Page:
Scott's last few movies saw him experiment more and more with filters, shutter speed and a generally visceral approach that's been much copied, but rarely matched. It was impressive in "Man On Fire," totally bonkers in "Domino" and distracting in "The Taking Of Pelham 123." But it was his second runaway train movie in two years, "Unstoppable," that he finally found the perfect synthesis, a film where the style helped the material, and yet also an extraordinarily entertaining action-thriller that's one of the most entertaining films the director ever made. An exhilarating experience, and his best film in nearly a decade, "Unstoppable" is a rare actioner without a villain; the only evildoer is human error and a faceless train that’s rolling out of control ("A missile the size of the Chrysler Building," in the words of Rosario Dawson's character) and threatening to decimate a rather big and populated town. Other advantages include over-the-top Fox News reports, oily corporate assholes making margin-loss based decisions, and goofball, inept track workers who precipitate this entire mess. Usually these plot devices in Tony Scott films are black-and-white and make your eyes roll because they’re so forced. Here, they’re a form of delightful comedy and often so ridiculous, they’re a good laugh. Of course, the only two who can stop it are being-out-to-pasture engineer Denzel Washington (his fifth and final collaboration with Scott), and cocky rookie Chris Pine, two highly charismatic leads happy to take the back seat to a runaway train. Big, dumb, thrilling fun -- plus simply just genuinely nail-biting and intense -- “Unstoppable” is an undeniably enjoyable film, the disaster movie done right. Sadly, it was Scott's last film, as it turned out, but given that the film closes on the sound of applause, a somewhat fitting one.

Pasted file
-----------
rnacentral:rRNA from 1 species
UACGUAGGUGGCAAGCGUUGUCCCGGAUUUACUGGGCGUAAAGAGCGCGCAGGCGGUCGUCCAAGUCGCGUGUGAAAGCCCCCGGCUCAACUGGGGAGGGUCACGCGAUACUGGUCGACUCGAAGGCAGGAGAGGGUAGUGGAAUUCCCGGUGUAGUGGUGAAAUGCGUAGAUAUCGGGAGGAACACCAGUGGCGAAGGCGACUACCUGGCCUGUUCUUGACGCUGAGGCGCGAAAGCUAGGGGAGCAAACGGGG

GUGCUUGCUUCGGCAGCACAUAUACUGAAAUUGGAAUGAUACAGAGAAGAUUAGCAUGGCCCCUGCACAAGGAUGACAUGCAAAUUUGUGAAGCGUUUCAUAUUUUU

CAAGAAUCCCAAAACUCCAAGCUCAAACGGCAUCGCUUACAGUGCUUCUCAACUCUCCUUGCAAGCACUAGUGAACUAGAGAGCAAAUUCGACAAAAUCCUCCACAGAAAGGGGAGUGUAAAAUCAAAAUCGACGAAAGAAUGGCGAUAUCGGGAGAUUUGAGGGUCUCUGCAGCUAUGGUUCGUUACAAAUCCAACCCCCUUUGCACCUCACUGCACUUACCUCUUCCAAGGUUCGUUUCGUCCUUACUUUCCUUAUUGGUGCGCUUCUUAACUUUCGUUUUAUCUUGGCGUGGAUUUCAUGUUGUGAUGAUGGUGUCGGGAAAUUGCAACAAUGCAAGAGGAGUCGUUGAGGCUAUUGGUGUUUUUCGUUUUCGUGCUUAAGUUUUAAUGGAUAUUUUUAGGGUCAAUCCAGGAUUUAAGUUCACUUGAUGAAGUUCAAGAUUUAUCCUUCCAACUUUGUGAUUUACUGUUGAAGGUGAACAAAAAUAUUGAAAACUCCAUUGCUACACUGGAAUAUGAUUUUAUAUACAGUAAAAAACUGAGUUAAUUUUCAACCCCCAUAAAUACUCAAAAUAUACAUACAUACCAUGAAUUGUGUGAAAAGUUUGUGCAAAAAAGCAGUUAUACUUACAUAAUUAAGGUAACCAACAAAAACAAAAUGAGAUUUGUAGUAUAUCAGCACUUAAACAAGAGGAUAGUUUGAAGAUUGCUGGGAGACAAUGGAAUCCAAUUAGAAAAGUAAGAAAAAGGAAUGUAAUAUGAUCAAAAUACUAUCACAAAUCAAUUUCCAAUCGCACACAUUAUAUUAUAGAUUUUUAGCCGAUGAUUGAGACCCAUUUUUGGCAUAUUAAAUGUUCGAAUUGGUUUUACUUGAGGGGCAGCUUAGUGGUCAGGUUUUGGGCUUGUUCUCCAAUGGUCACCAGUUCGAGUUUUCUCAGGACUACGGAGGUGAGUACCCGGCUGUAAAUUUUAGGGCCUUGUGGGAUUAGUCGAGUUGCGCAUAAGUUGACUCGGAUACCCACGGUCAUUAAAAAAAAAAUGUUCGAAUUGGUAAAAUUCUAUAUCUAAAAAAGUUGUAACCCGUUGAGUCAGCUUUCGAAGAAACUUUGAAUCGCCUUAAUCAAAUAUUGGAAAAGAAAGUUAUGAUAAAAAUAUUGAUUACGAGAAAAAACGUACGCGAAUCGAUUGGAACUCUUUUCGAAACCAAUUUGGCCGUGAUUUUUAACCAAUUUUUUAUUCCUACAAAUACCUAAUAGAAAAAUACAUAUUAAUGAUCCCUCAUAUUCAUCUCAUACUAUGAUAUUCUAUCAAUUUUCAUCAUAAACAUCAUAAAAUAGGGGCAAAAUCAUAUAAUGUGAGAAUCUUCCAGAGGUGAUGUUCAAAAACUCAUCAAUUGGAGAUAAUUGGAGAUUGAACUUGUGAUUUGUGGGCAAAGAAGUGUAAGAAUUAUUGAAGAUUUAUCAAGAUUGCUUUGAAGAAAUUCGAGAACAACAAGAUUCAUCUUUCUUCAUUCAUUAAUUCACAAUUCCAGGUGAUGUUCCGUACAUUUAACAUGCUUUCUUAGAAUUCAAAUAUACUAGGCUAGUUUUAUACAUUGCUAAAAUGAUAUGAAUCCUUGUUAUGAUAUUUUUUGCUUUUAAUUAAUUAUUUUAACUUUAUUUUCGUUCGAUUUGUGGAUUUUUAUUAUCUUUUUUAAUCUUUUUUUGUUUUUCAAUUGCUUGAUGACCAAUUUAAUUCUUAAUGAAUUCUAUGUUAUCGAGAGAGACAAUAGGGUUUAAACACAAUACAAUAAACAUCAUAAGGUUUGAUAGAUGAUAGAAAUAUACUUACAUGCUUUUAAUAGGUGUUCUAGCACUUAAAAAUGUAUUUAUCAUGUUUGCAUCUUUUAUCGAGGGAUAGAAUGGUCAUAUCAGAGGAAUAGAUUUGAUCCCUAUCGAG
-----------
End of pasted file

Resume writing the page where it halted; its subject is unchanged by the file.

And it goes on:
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Tony Scott’s late-career, ultra-impressionistic style took root with the gloriously hyperactive “Beat the Devil,” his contribution to the BMW film series, “The Hire,” which was a series of extended BMW commercials in the guise of slick and exciting short films with serious Hollywood pedigree. The talent in front of and behind the camera on “The Hire” series was staggering. Directors included John Woo, Wong Kar-Wai, Joe Carnahan, Ang Lee, Alejandro González Iñárritu, Guy Ritchie, John Frankenheimer and Scott, with an acting lineup featuring the likes of Don Cheadle, Mickey Rourke, Madonna, Stellan Skarsgård, F. Murray Abraham, Ray Liotta, Dennis Haysbert, Maury Chaykin, and Marilyn Manson. And for those of us who hoped to see Clive Owen as the next James Bond, we’ll always have this series of shorts, where he plays the nameless Driver, an expert behind the wheel (always a BMW, naturally) who is tasked with various life-threatening missions with differing degrees of difficulty. The one linking thread between the different films, Owen brought a manly command to the lead role that helped solidify the entire series. “Beat the Devil” is the most out-right entertaining film of the bunch, and it’s the one that seems to be having the most fun. It centers on the idea that James Brown (who played himself), back in his youth, sold his soul to the Devil (a hysterical Gary Oldman in make-up and costume that has to be seen to be believed) in exchange for the chance to have a legendary career. But now that the rocker is getting old, he wants to renegotiate the terms of his deal so he can go back to being young, so he suggests that his Driver (Owen) will race Lucifer’s driver, Bob (Danny Trejo), from the Vegas strip out into the desert. Winner takes all. For roughly 10 minutes, Tony Scott makes cinematic rock ‘n' roll love to his camera -- every image is cranked, every sound effect is juiced, every edit is sharp as a tack. His fragmented, cubist style that would be seen in future efforts like “Man on Fire” and “Domino” was being first experimented with here (overlapping subtitles, a washed out and desaturated color scheme, staccato editing patterns and skewed camera angles). “Beat the Devil” exists primarily as a sensory blast but it’s also got a great sense of humor (probably the best out of any short in the series) which is why it’s one of our favorites.
- Drew Taylor, Mark Zhuravsky, Erik McLanahan, Oliver Lyttelton